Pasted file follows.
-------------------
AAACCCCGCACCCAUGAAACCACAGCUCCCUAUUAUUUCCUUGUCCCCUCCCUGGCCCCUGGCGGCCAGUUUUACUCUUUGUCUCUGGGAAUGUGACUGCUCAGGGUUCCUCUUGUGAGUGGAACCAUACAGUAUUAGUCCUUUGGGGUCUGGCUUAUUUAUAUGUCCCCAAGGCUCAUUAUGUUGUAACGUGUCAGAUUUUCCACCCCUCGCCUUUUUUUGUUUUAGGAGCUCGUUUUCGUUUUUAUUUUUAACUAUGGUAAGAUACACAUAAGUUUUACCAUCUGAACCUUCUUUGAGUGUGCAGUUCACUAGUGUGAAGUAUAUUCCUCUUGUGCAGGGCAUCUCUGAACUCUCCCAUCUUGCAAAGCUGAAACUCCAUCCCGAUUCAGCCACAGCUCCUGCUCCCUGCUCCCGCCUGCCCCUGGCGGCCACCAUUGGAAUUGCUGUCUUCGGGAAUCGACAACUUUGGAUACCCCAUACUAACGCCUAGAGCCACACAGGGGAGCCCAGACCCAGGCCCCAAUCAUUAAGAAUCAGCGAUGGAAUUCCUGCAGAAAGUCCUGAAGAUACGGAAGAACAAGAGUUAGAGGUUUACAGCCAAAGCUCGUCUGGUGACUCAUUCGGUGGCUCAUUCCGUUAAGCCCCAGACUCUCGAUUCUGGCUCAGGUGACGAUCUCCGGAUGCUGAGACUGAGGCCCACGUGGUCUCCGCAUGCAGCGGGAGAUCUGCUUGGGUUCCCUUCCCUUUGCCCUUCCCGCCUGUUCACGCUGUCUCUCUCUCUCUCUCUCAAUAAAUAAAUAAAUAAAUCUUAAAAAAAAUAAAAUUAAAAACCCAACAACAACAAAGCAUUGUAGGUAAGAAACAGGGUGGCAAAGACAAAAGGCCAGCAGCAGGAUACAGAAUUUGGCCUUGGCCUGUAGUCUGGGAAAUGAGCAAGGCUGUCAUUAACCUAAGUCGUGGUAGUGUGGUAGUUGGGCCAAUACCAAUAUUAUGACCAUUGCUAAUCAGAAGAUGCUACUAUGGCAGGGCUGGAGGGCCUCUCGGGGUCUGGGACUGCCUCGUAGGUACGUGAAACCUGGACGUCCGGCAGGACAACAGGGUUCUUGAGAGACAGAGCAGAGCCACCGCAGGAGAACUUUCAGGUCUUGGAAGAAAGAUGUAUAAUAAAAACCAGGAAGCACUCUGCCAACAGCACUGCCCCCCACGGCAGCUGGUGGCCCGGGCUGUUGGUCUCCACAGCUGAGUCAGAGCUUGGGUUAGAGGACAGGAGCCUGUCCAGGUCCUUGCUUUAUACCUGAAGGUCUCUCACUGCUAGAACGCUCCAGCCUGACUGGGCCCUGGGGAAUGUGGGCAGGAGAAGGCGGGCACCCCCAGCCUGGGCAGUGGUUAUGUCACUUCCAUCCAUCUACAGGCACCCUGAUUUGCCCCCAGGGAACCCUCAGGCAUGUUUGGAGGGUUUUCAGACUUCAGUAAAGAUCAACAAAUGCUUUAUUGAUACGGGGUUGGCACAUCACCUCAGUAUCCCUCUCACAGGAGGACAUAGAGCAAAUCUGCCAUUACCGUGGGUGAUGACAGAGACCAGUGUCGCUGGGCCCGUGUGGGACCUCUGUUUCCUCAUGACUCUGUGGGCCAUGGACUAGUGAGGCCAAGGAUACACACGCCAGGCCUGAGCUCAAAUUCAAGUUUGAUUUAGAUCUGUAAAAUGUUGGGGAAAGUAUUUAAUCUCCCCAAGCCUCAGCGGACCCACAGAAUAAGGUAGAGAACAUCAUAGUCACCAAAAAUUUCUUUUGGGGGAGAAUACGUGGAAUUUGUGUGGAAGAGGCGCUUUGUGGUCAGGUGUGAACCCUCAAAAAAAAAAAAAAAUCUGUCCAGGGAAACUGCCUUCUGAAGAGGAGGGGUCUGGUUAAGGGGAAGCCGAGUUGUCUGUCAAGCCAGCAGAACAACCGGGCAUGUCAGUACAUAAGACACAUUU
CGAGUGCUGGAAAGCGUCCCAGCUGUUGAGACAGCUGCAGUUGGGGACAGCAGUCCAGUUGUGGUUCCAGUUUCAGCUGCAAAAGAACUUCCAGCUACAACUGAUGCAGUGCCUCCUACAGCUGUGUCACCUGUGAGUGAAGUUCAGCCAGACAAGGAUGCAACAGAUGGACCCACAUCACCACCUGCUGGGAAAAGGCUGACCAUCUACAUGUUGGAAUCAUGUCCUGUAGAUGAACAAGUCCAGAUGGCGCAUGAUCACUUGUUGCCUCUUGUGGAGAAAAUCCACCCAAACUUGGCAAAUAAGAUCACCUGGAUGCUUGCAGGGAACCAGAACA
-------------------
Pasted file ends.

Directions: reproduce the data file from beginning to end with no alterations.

AAACCCCGCACCCAUGAAACCACAGCUCCCUAUUAUUUCCUUGUCCCCUCCCUGGCCCCUGGCGGCCAGUUUUACUCUUUGUCUCUGGGAAUGUGACUGCUCAGGGUUCCUCUUGUGAGUGGAACCAUACAGUAUUAGUCCUUUGGGGUCUGGCUUAUUUAUAUGUCCCCAAGGCUCAUUAUGUUGUAACGUGUCAGAUUUUCCACCCCUCGCCUUUUUUUGUUUUAGGAGCUCGUUUUCGUUUUUAUUUUUAACUAUGGUAAGAUACACAUAAGUUUUACCAUCUGAACCUUCUUUGAGUGUGCAGUUCACUAGUGUGAAGUAUAUUCCUCUUGUGCAGGGCAUCUCUGAACUCUCCCAUCUUGCAAAGCUGAAACUCCAUCCCGAUUCAGCCACAGCUCCUGCUCCCUGCUCCCGCCUGCCCCUGGCGGCCACCAUUGGAAUUGCUGUCUUCGGGAAUCGACAACUUUGGAUACCCCAUACUAACGCCUAGAGCCACACAGGGGAGCCCAGACCCAGGCCCCAAUCAUUAAGAAUCAGCGAUGGAAUUCCUGCAGAAAGUCCUGAAGAUACGGAAGAACAAGAGUUAGAGGUUUACAGCCAAAGCUCGUCUGGUGACUCAUUCGGUGGCUCAUUCCGUUAAGCCCCAGACUCUCGAUUCUGGCUCAGGUGACGAUCUCCGGAUGCUGAGACUGAGGCCCACGUGGUCUCCGCAUGCAGCGGGAGAUCUGCUUGGGUUCCCUUCCCUUUGCCCUUCCCGCCUGUUCACGCUGUCUCUCUCUCUCUCUCUCAAUAAAUAAAUAAAUAAAUCUUAAAAAAAAUAAAAUUAAAAACCCAACAACAACAAAGCAUUGUAGGUAAGAAACAGGGUGGCAAAGACAAAAGGCCAGCAGCAGGAUACAGAAUUUGGCCUUGGCCUGUAGUCUGGGAAAUGAGCAAGGCUGUCAUUAACCUAAGUCGUGGUAGUGUGGUAGUUGGGCCAAUACCAAUAUUAUGACCAUUGCUAAUCAGAAGAUGCUACUAUGGCAGGGCUGGAGGGCCUCUCGGGGUCUGGGACUGCCUCGUAGGUACGUGAAACCUGGACGUCCGGCAGGACAACAGGGUUCUUGAGAGACAGAGCAGAGCCACCGCAGGAGAACUUUCAGGUCUUGGAAGAAAGAUGUAUAAUAAAAACCAGGAAGCACUCUGCCAACAGCACUGCCCCCCACGGCAGCUGGUGGCCCGGGCUGUUGGUCUCCACAGCUGAGUCAGAGCUUGGGUUAGAGGACAGGAGCCUGUCCAGGUCCUUGCUUUAUACCUGAAGGUCUCUCACUGCUAGAACGCUCCAGCCUGACUGGGCCCUGGGGAAUGUGGGCAGGAGAAGGCGGGCACCCCCAGCCUGGGCAGUGGUUAUGUCACUUCCAUCCAUCUACAGGCACCCUGAUUUGCCCCCAGGGAACCCUCAGGCAUGUUUGGAGGGUUUUCAGACUUCAGUAAAGAUCAACAAAUGCUUUAUUGAUACGGGGUUGGCACAUCACCUCAGUAUCCCUCUCACAGGAGGACAUAGAGCAAAUCUGCCAUUACCGUGGGUGAUGACAGAGACCAGUGUCGCUGGGCCCGUGUGGGACCUCUGUUUCCUCAUGACUCUGUGGGCCAUGGACUAGUGAGGCCAAGGAUACACACGCCAGGCCUGAGCUCAAAUUCAAGUUUGAUUUAGAUCUGUAAAAUGUUGGGGAAAGUAUUUAAUCUCCCCAAGCCUCAGCGGACCCACAGAAUAAGGUAGAGAACAUCAUAGUCACCAAAAAUUUCUUUUGGGGGAGAAUACGUGGAAUUUGUGUGGAAGAGGCGCUUUGUGGUCAGGUGUGAACCCUCAAAAAAAAAAAAAAAUCUGUCCAGGGAAACUGCCUUCUGAAGAGGAGGGGUCUGGUUAAGGGGAAGCCGAGUUGUCUGUCAAGCCAGCAGAACAACCGGGCAUGUCAGUACAUAAGACACAUUU
CGAGUGCUGGAAAGCGUCCCAGCUGUUGAGACAGCUGCAGUUGGGGACAGCAGUCCAGUUGUGGUUCCAGUUUCAGCUGCAAAAGAACUUCCAGCUACAACUGAUGCAGUGCCUCCUACAGCUGUGUCACCUGUGAGUGAAGUUCAGCCAGACAAGGAUGCAACAGAUGGACCCACAUCACCACCUGCUGGGAAAAGGCUGACCAUCUACAUGUUGGAAUCAUGUCCUGUAGAUGAACAAGUCCAGAUGGCGCAUGAUCACUUGUUGCCUCUUGUGGAGAAAAUCCACCCAAACUUGGCAAAUAAGAUCACCUGGAUGCUUGCAGGGAACCAGAACA